Fresh Sea-Water, a Poem.

Original title page

The poem opens with some lines on Man’s conquest of the Sea:

“Now ev’ry Day his Conquest Man improves,
And unoppos’d o’r the wide Ocean moves;
Now unconfin’d he visits ev’ry Shore,
And takes from each its Tributary Store;
Rips up the Bowels of the pregnant Earth,
And crowds his Coffers with the dazzling Birth.
While on the Waves, safe as at Land, he dwells,
Born o’r their Backs in floating Cittadels;
Nor on their Surface onely pleas’d to keep,
He dives to all the Secrets of the Deep,
And with the shining Tribute of its Womb,
Returns at once adorn’d and laden home.”

Then comes a bit on “happy Britain” and its ships:

“While some abroad for Golden Plenty rome,
The rest secure us downy Peace at Home.
We know no Terrour of invading Foes,
While these strong Bulwarks our safe Isle inclose.”

But though man had conquered the Ocean with his daring adventures, the Sea still had one ‘weapon’ up its sleeve: you couldn’t drink it!

“But though so far Man quell’d the Ocean’s Rage,
That open War it durst no longer wage,
The private Rebel did its Spleen retain,
And fell to Stratagem, since Force prov’d vain;
And with its Briny Humour murder’d more
Than all its Billows had devour’d before:
While at the Sailers baneful Thirst it laught,
Who swallow’d Death in ev’ry greedy Draught.”

Or if not death, something pretty unpleasant:

“Or, if they met not there an early Tomb,
Came loaden with Disease and Torment home,
Who, swoln with Dropsies, and with Scurvies worn,
Begg’d more their speedy Ruine, than Return.”

Again, on the same theme:

“Thus, like a Miser, starv’d amidst his Store,
Whom only his Abundance renders Poor,
Amidst the Waters with strange Thirst they dy,
A Thirst encreasing with its Remedy.”

And again:

“Whilst the Salt-Tyrant, lest they shou’d complain,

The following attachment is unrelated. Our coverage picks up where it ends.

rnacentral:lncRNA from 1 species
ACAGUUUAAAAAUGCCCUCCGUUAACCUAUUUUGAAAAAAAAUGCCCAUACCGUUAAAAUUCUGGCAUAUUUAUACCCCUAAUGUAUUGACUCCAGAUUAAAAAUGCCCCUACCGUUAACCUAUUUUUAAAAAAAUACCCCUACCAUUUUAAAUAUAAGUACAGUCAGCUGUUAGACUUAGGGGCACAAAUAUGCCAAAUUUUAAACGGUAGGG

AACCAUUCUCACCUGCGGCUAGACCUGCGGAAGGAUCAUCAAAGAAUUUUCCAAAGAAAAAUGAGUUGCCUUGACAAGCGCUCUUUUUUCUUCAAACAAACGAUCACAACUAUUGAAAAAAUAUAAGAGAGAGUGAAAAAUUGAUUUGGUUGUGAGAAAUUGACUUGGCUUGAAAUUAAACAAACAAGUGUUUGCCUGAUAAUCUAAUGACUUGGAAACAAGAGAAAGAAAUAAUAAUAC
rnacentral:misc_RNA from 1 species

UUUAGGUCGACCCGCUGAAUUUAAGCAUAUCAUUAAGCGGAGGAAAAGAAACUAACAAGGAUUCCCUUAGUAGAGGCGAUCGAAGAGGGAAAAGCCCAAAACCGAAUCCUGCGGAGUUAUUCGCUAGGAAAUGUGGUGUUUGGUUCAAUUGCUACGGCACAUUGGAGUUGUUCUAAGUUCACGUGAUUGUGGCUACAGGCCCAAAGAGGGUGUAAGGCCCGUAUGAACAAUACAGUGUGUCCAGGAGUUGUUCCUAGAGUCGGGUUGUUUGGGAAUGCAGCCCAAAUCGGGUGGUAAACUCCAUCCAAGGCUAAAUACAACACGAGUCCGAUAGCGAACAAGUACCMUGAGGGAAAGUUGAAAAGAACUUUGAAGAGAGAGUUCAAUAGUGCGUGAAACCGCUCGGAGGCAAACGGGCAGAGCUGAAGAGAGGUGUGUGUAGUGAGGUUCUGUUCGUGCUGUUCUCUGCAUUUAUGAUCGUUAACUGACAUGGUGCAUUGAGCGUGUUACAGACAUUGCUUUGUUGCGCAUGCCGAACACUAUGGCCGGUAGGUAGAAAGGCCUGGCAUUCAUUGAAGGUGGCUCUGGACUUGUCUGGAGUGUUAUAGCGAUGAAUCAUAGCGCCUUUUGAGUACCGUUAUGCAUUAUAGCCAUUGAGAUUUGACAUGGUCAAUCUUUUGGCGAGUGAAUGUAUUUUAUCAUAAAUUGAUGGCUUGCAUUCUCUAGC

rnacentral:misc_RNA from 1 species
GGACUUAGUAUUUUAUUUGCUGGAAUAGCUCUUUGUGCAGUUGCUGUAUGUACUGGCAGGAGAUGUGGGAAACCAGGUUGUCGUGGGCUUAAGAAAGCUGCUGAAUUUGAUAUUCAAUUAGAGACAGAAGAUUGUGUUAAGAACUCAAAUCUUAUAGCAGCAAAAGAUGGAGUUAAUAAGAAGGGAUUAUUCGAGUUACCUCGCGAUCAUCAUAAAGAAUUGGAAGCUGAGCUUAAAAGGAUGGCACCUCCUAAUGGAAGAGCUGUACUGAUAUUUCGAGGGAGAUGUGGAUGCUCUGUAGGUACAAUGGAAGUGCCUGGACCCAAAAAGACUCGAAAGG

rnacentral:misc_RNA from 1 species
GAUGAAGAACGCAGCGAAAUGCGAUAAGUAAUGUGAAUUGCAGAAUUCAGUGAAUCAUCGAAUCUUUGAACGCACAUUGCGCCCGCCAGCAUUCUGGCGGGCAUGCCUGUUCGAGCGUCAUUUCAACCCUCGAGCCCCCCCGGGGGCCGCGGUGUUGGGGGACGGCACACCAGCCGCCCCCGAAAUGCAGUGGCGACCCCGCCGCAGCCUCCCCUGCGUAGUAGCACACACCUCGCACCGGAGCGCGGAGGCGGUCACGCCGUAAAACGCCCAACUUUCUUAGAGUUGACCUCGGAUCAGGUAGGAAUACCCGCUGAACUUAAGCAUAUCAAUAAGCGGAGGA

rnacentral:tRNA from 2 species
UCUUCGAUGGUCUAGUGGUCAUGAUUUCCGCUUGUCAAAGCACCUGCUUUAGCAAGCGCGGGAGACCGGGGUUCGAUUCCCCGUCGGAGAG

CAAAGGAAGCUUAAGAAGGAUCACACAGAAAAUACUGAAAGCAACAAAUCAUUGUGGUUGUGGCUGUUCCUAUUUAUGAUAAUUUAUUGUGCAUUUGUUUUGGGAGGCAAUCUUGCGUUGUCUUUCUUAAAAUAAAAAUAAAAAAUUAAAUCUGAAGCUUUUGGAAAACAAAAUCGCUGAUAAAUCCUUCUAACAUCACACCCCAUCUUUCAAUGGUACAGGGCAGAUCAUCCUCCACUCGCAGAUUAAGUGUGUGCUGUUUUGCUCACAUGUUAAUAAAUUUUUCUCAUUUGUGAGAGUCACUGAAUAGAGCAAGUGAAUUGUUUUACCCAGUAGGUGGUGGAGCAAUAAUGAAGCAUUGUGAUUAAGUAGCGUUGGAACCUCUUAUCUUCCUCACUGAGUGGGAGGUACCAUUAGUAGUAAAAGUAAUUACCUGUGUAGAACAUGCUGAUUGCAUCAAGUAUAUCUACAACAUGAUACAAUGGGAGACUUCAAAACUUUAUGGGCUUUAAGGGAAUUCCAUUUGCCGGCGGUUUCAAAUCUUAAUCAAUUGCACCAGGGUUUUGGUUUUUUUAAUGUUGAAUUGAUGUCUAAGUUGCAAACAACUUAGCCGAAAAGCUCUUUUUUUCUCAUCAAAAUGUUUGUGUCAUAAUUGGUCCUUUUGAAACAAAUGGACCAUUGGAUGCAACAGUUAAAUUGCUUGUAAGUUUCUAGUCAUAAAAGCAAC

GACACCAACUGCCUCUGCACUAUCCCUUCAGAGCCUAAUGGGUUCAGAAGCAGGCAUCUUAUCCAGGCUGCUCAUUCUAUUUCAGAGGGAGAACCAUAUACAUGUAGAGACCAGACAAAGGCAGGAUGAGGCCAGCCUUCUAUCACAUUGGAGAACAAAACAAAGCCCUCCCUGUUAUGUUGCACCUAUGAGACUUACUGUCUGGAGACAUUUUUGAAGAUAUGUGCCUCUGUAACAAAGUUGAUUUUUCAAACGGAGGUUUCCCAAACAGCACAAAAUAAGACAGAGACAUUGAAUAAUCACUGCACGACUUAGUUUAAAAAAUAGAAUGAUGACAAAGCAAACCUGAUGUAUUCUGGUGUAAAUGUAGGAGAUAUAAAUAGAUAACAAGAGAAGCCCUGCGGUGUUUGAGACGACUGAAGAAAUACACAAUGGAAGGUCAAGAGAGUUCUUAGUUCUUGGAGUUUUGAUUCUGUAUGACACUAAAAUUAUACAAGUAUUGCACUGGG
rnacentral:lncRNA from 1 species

Locks up their Throats, and does their Words restrain:
Pleas’d with their Woes, it makes their Grief its Game,
As Nero smil’d at Rome’s encreasing Flame.”

The poem then gets a bit obscure, with “a rising Venus” and “Cynthia’s bright Retenue” putting in an appearance. But then the fog clears, and all of a sudden Mr Boyle, the inventor, appears:

“But precious Ointments of Eternal Fame,
Embalm great Boyle’s most celebrated Name!
Boyle the bless’d Moses of our happy Land,
Who from the Ocean does fresh Springs command.”

Now, Boyle is almost certainly Robert Boyle, which is a little puzzling since (so far as I know) it wasn’t actually he who devised this method of purifying sea-water (apparently by a method of distillation.) The actual invention was by a Captain Robert Fitzgerald and some associates, Fitzgerald being a relative of Boyle’s. Boyle himself appears only to have tested the purity of the fresh water produced, and to have given the project his support. (For details see Salt-Water Sweetened, or a True Account of the Great Advantages of this New Invention both by Sea and Land, written by Fitzgerald, and published in 1683.)

But to continue with the poem. After a little more seventeenth century obscurity, we read:

“By him the Waters, Acid and Marine,
Are purg’d and freed from their Destructive Brine.
The Sailer now to farthest Shores may go,
Since in his Road these lasting Fountains flow;
The Sea, corrected by this wondrous Pow’r,
Preserves those now, whom it destroyed before;
No more with Thirst the Feav’rish Sea-man dyes,
The Briny Waves afford him fresh Supplies.
The mighty Boyle does by his pow’rful Art,
The Ocean to a Well of Life Convert.”

Then a little later:

“Boyle, our good Angel, stirs the Sov’reign Pool,
That makes the Hydropic-Leprous Seaman whole.”

Mr Arwaker waxes lyrical for another seven pages after this, about the riches of India, “England’s Caesars” and King Canute. But not, unfortunately, about the details of ‘Boyle’s’ method, or about the good Captain Fitzgerald, who warrants not a mention. But then how many words rhyme with Fitzgerald?